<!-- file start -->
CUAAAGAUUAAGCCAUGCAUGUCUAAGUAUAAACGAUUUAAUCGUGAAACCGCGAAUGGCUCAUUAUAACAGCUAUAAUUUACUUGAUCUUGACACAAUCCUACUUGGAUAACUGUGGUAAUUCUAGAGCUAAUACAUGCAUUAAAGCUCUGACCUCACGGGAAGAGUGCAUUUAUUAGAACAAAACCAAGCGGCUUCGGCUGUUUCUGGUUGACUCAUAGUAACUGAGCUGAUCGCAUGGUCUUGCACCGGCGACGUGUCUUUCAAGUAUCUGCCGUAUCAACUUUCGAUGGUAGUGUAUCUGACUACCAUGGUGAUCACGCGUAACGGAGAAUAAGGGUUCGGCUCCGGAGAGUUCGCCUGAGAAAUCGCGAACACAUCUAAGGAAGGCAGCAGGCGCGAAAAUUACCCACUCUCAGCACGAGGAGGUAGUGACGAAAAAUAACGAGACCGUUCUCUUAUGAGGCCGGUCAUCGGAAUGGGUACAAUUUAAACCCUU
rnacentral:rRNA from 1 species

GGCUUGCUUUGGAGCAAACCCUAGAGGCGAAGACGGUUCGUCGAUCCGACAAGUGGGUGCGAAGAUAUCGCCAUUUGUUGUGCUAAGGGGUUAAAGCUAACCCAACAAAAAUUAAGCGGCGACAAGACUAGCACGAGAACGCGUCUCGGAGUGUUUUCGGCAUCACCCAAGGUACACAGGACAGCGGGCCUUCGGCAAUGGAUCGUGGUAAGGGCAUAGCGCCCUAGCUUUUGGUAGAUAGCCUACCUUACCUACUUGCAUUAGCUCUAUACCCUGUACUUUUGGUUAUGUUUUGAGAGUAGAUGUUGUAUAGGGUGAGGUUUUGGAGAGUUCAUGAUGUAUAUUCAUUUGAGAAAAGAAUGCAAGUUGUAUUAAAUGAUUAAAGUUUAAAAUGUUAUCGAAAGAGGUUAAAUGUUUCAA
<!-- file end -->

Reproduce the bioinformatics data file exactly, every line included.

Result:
CUAAAGAUUAAGCCAUGCAUGUCUAAGUAUAAACGAUUUAAUCGUGAAACCGCGAAUGGCUCAUUAUAACAGCUAUAAUUUACUUGAUCUUGACACAAUCCUACUUGGAUAACUGUGGUAAUUCUAGAGCUAAUACAUGCAUUAAAGCUCUGACCUCACGGGAAGAGUGCAUUUAUUAGAACAAAACCAAGCGGCUUCGGCUGUUUCUGGUUGACUCAUAGUAACUGAGCUGAUCGCAUGGUCUUGCACCGGCGACGUGUCUUUCAAGUAUCUGCCGUAUCAACUUUCGAUGGUAGUGUAUCUGACUACCAUGGUGAUCACGCGUAACGGAGAAUAAGGGUUCGGCUCCGGAGAGUUCGCCUGAGAAAUCGCGAACACAUCUAAGGAAGGCAGCAGGCGCGAAAAUUACCCACUCUCAGCACGAGGAGGUAGUGACGAAAAAUAACGAGACCGUUCUCUUAUGAGGCCGGUCAUCGGAAUGGGUACAAUUUAAACCCUU
rnacentral:rRNA from 1 species

GGCUUGCUUUGGAGCAAACCCUAGAGGCGAAGACGGUUCGUCGAUCCGACAAGUGGGUGCGAAGAUAUCGCCAUUUGUUGUGCUAAGGGGUUAAAGCUAACCCAACAAAAAUUAAGCGGCGACAAGACUAGCACGAGAACGCGUCUCGGAGUGUUUUCGGCAUCACCCAAGGUACACAGGACAGCGGGCCUUCGGCAAUGGAUCGUGGUAAGGGCAUAGCGCCCUAGCUUUUGGUAGAUAGCCUACCUUACCUACUUGCAUUAGCUCUAUACCCUGUACUUUUGGUUAUGUUUUGAGAGUAGAUGUUGUAUAGGGUGAGGUUUUGGAGAGUUCAUGAUGUAUAUUCAUUUGAGAAAAGAAUGCAAGUUGUAUUAAAUGAUUAAAGUUUAAAAUGUUAUCGAAAGAGGUUAAAUGUUUCAA